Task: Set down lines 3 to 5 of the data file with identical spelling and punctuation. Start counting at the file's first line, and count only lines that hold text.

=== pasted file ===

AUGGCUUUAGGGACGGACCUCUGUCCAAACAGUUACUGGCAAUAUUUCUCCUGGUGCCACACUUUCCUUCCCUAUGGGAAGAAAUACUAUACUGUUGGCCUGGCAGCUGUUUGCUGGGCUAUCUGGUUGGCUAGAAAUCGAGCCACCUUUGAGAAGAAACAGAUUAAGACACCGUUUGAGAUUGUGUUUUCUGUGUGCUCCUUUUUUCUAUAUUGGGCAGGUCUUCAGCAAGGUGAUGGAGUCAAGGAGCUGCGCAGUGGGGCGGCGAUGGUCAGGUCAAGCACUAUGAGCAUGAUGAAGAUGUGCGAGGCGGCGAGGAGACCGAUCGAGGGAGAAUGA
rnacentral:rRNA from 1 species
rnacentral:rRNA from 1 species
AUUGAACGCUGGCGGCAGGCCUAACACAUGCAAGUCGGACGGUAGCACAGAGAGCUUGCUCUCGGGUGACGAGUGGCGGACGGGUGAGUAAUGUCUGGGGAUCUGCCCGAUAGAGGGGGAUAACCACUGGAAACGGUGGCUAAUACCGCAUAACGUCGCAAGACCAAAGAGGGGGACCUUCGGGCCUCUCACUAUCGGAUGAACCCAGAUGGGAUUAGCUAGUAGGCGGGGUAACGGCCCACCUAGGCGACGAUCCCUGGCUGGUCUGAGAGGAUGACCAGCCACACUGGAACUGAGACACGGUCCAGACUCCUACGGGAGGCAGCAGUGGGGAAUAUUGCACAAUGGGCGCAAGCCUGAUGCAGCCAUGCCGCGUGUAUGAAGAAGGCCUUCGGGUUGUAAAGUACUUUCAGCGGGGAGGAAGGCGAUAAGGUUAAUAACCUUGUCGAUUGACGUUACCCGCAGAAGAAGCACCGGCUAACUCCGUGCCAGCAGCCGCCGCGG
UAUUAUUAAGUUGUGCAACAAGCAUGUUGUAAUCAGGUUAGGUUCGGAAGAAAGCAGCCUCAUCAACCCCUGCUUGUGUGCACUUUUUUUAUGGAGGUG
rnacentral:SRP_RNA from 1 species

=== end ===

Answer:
rnacentral:rRNA from 1 species
AUUGAACGCUGGCGGCAGGCCUAACACAUGCAAGUCGGACGGUAGCACAGAGAGCUUGCUCUCGGGUGACGAGUGGCGGACGGGUGAGUAAUGUCUGGGGAUCUGCCCGAUAGAGGGGGAUAACCACUGGAAACGGUGGCUAAUACCGCAUAACGUCGCAAGACCAAAGAGGGGGACCUUCGGGCCUCUCACUAUCGGAUGAACCCAGAUGGGAUUAGCUAGUAGGCGGGGUAACGGCCCACCUAGGCGACGAUCCCUGGCUGGUCUGAGAGGAUGACCAGCCACACUGGAACUGAGACACGGUCCAGACUCCUACGGGAGGCAGCAGUGGGGAAUAUUGCACAAUGGGCGCAAGCCUGAUGCAGCCAUGCCGCGUGUAUGAAGAAGGCCUUCGGGUUGUAAAGUACUUUCAGCGGGGAGGAAGGCGAUAAGGUUAAUAACCUUGUCGAUUGACGUUACCCGCAGAAGAAGCACCGGCUAACUCCGUGCCAGCAGCCGCCGCGG
UAUUAUUAAGUUGUGCAACAAGCAUGUUGUAAUCAGGUUAGGUUCGGAAGAAAGCAGCCUCAUCAACCCCUGCUUGUGUGCACUUUUUUUAUGGAGGUG